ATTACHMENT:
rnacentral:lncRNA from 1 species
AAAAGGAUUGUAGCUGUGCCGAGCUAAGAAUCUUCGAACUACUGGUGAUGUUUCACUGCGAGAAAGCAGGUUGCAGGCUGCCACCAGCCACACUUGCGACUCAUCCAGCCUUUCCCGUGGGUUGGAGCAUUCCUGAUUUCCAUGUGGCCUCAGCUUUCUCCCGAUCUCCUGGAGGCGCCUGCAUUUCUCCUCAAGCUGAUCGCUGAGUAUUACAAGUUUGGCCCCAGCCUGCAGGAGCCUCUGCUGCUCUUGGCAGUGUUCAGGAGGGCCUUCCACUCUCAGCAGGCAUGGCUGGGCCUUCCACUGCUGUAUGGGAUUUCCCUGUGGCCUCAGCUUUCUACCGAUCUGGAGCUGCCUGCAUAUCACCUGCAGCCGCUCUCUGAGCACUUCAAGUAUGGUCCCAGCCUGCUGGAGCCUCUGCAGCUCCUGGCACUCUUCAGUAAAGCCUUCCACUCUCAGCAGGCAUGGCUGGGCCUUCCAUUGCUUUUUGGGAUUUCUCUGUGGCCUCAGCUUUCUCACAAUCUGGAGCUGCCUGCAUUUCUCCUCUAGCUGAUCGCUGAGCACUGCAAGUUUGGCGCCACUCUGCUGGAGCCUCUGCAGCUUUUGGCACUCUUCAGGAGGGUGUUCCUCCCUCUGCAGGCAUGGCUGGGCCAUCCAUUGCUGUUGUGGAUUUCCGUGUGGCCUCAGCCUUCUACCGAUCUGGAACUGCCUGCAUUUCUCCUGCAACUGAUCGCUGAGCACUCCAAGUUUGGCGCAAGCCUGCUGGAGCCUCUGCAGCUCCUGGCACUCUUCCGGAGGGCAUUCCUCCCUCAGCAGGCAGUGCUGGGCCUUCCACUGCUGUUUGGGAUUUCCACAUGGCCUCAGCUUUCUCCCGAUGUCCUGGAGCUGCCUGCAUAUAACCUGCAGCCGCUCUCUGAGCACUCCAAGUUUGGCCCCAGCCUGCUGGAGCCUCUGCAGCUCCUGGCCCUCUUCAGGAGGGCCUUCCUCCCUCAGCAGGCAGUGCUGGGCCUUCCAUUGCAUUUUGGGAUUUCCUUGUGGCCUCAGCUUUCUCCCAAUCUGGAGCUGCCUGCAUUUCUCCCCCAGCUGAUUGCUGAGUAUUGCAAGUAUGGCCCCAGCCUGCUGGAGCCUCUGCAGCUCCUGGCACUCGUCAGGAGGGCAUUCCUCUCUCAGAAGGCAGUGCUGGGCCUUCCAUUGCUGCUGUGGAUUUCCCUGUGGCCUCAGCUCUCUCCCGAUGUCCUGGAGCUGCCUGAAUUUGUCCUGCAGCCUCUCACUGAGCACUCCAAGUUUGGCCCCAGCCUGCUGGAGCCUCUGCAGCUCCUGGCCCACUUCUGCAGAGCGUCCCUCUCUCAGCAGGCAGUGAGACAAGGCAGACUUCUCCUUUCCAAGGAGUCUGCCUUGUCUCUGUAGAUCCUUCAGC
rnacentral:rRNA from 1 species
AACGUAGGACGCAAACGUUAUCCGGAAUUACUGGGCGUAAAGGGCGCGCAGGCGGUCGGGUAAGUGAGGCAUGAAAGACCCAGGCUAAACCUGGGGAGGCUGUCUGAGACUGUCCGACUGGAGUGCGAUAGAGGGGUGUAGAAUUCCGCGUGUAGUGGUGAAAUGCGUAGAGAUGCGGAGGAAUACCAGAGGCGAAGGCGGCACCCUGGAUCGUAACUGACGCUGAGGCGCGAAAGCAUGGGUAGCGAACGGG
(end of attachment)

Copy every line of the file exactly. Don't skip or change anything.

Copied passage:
rnacentral:lncRNA from 1 species
AAAAGGAUUGUAGCUGUGCCGAGCUAAGAAUCUUCGAACUACUGGUGAUGUUUCACUGCGAGAAAGCAGGUUGCAGGCUGCCACCAGCCACACUUGCGACUCAUCCAGCCUUUCCCGUGGGUUGGAGCAUUCCUGAUUUCCAUGUGGCCUCAGCUUUCUCCCGAUCUCCUGGAGGCGCCUGCAUUUCUCCUCAAGCUGAUCGCUGAGUAUUACAAGUUUGGCCCCAGCCUGCAGGAGCCUCUGCUGCUCUUGGCAGUGUUCAGGAGGGCCUUCCACUCUCAGCAGGCAUGGCUGGGCCUUCCACUGCUGUAUGGGAUUUCCCUGUGGCCUCAGCUUUCUACCGAUCUGGAGCUGCCUGCAUAUCACCUGCAGCCGCUCUCUGAGCACUUCAAGUAUGGUCCCAGCCUGCUGGAGCCUCUGCAGCUCCUGGCACUCUUCAGUAAAGCCUUCCACUCUCAGCAGGCAUGGCUGGGCCUUCCAUUGCUUUUUGGGAUUUCUCUGUGGCCUCAGCUUUCUCACAAUCUGGAGCUGCCUGCAUUUCUCCUCUAGCUGAUCGCUGAGCACUGCAAGUUUGGCGCCACUCUGCUGGAGCCUCUGCAGCUUUUGGCACUCUUCAGGAGGGUGUUCCUCCCUCUGCAGGCAUGGCUGGGCCAUCCAUUGCUGUUGUGGAUUUCCGUGUGGCCUCAGCCUUCUACCGAUCUGGAACUGCCUGCAUUUCUCCUGCAACUGAUCGCUGAGCACUCCAAGUUUGGCGCAAGCCUGCUGGAGCCUCUGCAGCUCCUGGCACUCUUCCGGAGGGCAUUCCUCCCUCAGCAGGCAGUGCUGGGCCUUCCACUGCUGUUUGGGAUUUCCACAUGGCCUCAGCUUUCUCCCGAUGUCCUGGAGCUGCCUGCAUAUAACCUGCAGCCGCUCUCUGAGCACUCCAAGUUUGGCCCCAGCCUGCUGGAGCCUCUGCAGCUCCUGGCCCUCUUCAGGAGGGCCUUCCUCCCUCAGCAGGCAGUGCUGGGCCUUCCAUUGCAUUUUGGGAUUUCCUUGUGGCCUCAGCUUUCUCCCAAUCUGGAGCUGCCUGCAUUUCUCCCCCAGCUGAUUGCUGAGUAUUGCAAGUAUGGCCCCAGCCUGCUGGAGCCUCUGCAGCUCCUGGCACUCGUCAGGAGGGCAUUCCUCUCUCAGAAGGCAGUGCUGGGCCUUCCAUUGCUGCUGUGGAUUUCCCUGUGGCCUCAGCUCUCUCCCGAUGUCCUGGAGCUGCCUGAAUUUGUCCUGCAGCCUCUCACUGAGCACUCCAAGUUUGGCCCCAGCCUGCUGGAGCCUCUGCAGCUCCUGGCCCACUUCUGCAGAGCGUCCCUCUCUCAGCAGGCAGUGAGACAAGGCAGACUUCUCCUUUCCAAGGAGUCUGCCUUGUCUCUGUAGAUCCUUCAGC
rnacentral:rRNA from 1 species
AACGUAGGACGCAAACGUUAUCCGGAAUUACUGGGCGUAAAGGGCGCGCAGGCGGUCGGGUAAGUGAGGCAUGAAAGACCCAGGCUAAACCUGGGGAGGCUGUCUGAGACUGUCCGACUGGAGUGCGAUAGAGGGGUGUAGAAUUCCGCGUGUAGUGGUGAAAUGCGUAGAGAUGCGGAGGAAUACCAGAGGCGAAGGCGGCACCCUGGAUCGUAACUGACGCUGAGGCGCGAAAGCAUGGGUAGCGAACGGG